Cantillon Classic Gueuze

Randall's Wine and Spirits, 1910 South Jefferson Avenue; 314-865-0199.

Randall's Wine and Spirits

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Last month we were on the phone with George Randall talking booze, and there was a tinge of relief in his voice. He'd invested nearly $100,000 transforming an old warehouse into a retail destination at the corner of Jefferson Avenue and Interstate 44, and the city had been jerking him around. Imagine that! All he wanted to do was open a jumbo wine-and-spirits store in St. Louis city, and The Man seemed to be having none of it. Ever since downtown's 905 Liquors shuttered sometime in the 1980s, we St. Louisans have had to settle for Schnucks — or have had to hoof it to the county — when we wanted to get drunk on decent drink. And some downtown asshole was standing in our way.

Ultimately, the civil servants backed off, and the most solid evidence yet of St. Louis' revival sits on the west end of the beautiful McKinley Heights neighborhood. For the past few weeks, Randall's Wine and Spirits has been in soft-opening mode, quietly unveiling its shop to the wide-eyed few who have ambled in. The store celebrated its grand opening this past Sunday.

Drink of the Week is an unapologetic cheerleader for things we consider great, and Randall's Wine and Spirits is — how to put it? — fricking awesome. Walk in and all you see are shelves and bottles — 12,000 square feet of them, in fact. It's like you've snuck into a booze wholesaler and someone will soon shoo you away. On that first glimpse, you see the forest. Start browsing, however, and the trees reveal themselves. Rows and rows of every spirit imaginable. Huge islands of wines from all over the world. Thirty-two feet of beer — two shelves of British ales, and twice that many American microbeers. Germany, Austria, Japan — hell, even Canada is represented. Curious about Belgian lambic beers? Yes. They've got a dozen different varieties.

We don't even know if we like true-blue lambics, so on our second visit we grabbed a few based on New York Times wine/spirit/beer expert Eric Asimov's recommendation. He featured them in a column last year, and we've been intrigued ever since. Wrote Asimov: "It's perhaps the most unusual beer around, truly made in the old-fashioned way. It is not at all easy to find. You will most likely have to seek out a shop specializing in great beers of the world, but I assure you it is worth the effort."

Bingo — Randall's carries a handful of them, including Asimov's favorite, Cantillon Classic Gueuze, as well as four varieties of the more ubiquitous (and arguably less authentic) Lindemans, including framboise (raspberry) and kriek (black cherry). Feeling adventurous, we grabbed the Cantillon Classic and the Cantillon Gran Cru; as a backup we also bought the two Lindemans.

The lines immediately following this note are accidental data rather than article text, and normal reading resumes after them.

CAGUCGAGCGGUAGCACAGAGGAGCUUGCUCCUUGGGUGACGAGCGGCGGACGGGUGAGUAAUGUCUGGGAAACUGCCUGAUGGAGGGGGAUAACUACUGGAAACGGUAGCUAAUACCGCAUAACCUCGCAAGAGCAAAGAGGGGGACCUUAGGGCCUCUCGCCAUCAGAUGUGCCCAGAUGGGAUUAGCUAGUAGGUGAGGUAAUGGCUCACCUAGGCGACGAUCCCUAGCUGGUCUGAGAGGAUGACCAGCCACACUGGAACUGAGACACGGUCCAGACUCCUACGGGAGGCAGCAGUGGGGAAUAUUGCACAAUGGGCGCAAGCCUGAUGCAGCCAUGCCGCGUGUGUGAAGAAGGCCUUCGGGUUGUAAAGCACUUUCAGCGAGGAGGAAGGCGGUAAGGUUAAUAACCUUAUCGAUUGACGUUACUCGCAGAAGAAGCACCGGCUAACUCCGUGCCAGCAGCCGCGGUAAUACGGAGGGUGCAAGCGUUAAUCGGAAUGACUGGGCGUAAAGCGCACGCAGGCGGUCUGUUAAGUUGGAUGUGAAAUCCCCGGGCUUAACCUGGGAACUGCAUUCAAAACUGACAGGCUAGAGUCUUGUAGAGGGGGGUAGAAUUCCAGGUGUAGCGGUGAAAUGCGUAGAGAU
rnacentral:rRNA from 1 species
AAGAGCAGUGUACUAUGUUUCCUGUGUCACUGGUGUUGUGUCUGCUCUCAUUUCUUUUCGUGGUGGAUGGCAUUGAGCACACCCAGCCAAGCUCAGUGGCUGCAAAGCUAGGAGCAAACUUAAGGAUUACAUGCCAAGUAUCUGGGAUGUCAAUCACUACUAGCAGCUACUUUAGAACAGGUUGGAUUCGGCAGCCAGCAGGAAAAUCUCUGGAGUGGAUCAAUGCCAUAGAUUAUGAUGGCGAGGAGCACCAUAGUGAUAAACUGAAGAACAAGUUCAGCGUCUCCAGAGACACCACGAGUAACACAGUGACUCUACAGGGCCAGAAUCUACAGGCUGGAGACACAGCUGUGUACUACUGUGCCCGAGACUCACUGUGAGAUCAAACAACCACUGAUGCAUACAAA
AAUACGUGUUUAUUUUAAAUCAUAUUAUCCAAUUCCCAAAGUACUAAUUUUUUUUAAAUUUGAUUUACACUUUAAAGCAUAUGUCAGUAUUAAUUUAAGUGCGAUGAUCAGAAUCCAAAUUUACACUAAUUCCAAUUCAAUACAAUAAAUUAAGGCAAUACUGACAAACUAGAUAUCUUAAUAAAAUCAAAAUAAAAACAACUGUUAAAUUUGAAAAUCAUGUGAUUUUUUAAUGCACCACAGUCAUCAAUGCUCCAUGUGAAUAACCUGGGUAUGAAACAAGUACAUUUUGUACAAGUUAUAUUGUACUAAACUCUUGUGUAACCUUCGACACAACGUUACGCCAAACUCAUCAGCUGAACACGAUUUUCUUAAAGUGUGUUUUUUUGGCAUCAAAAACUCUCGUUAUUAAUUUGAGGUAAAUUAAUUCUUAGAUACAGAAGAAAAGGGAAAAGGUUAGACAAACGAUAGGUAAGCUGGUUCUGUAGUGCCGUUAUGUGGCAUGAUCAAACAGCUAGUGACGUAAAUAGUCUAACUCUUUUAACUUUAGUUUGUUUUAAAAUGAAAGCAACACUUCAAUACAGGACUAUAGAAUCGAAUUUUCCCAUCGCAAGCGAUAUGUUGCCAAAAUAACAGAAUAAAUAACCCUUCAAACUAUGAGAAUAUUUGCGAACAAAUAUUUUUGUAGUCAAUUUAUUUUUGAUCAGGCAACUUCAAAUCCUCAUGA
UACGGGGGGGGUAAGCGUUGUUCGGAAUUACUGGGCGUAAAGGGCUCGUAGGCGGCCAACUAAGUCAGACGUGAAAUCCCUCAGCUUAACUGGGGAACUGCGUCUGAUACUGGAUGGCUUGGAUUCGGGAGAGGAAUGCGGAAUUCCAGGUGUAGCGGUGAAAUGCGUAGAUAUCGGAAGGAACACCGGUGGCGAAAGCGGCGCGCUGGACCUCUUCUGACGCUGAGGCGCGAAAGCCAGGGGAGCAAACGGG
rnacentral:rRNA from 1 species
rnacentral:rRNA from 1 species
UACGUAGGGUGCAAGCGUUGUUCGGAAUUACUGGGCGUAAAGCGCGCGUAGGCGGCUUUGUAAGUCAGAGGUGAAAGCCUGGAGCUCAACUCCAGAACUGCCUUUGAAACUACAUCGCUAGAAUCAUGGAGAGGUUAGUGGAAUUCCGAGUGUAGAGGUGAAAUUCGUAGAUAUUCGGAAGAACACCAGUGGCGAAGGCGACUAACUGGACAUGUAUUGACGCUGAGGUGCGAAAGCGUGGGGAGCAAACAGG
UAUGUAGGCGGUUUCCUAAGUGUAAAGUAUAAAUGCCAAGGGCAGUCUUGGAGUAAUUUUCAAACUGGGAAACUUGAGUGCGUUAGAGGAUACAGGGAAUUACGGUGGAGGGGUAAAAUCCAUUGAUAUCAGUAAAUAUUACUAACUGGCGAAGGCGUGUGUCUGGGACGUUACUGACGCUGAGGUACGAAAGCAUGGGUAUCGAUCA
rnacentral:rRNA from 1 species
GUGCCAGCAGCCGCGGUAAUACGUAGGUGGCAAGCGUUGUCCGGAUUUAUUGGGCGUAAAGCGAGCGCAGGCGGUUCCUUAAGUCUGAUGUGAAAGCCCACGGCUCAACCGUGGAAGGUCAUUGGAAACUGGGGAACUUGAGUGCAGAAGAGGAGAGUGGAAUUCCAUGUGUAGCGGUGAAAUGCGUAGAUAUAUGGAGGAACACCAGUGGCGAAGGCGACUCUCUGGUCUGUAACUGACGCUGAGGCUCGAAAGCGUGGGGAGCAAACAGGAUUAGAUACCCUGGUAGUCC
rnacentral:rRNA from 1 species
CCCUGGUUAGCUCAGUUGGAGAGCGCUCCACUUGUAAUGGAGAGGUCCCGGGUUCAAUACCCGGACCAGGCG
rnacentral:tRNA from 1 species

What did we learn? That traditional lambic is a very odd creation, sour and dry — almost cidery — and has more the character of an oddball Champagne than a beer. It takes a long time to get used to, and it's much easier if, before you take your first sip, you absolutely remove any thought that what you are about to drink is "beer." This owes in large part to the method of making lambic, a process called spontaneous fermentation. Whereas most ales and lagers are infused with specific, handpicked yeasts, lambics invite Mother Nature in, and use as their yeast whichever is floating around the Senne valley of Belgium. Once the fermentation begins, the beer is poured into barrels and aged.

Cantillon Classic Gueuze is less shocking than the Gran Cru, mainly because the former is carbonated, and the latter is flat. ("Gueuze" refers to a blended lambic; a pure lambic contains only one vintage.) Both share that shocking sourness, and for that reason we're not sure if we'll be drinking much lambic in the future.

At the risk of sounding like beer-chugging Missourians, we couldn't appreciate the tasting notes that Asimov describes — "pure, tart, almost smoky dry flavors" — because we were overwhelmed by the oddity. With time and patience, we're sure we'd get used to it (or learn how to fake it). But the mere fact that all of a sudden, a few blocks from our house, there's a place that sells something we've never tried before (and so much more) is worthy of celebration.

Sambuca, ouzo, a wide array of Italian grappas, French eaux-de-vie (many). Randall's sells bottom-shelf rot-gut bourbon and very pricey bottles — including one we've been itching to taste since we first read about it: Charbay Double Barrel Release One Whiskey. (It's $339.) Cheap single-malt Scotches sit next to a $450 Highland Park 25-year-old. Mescals and tequilas, top-shelf rums, vodkas and gins.

We've been to Randall's three times now and haven't even started diving into their wine selection. But the owner's philosophy bides well. "I don't need to show off," George Randall says. "If you want to be a wine seller that sells $200, $500 bottles of wine, that's cool, but that is such a small part of what I think the wine and liquor business is about."

Randall, whose flagship location is in Fairview Heights, Illinois, calls the new location "a heck of a wine shop — like Sam's or Costco as far as pricing."

He says he plans to stock "a couple hundred thousand dollars'" worth of Bordeaux, and last month he ordered a half-million dollars' worth of Burgundy. Randall just returned from Europe, where he scoured the wineries of southern France and Spain for good deals As an importer, he'll sell his wine at prices just above wholesale.

Sounds like a plan.

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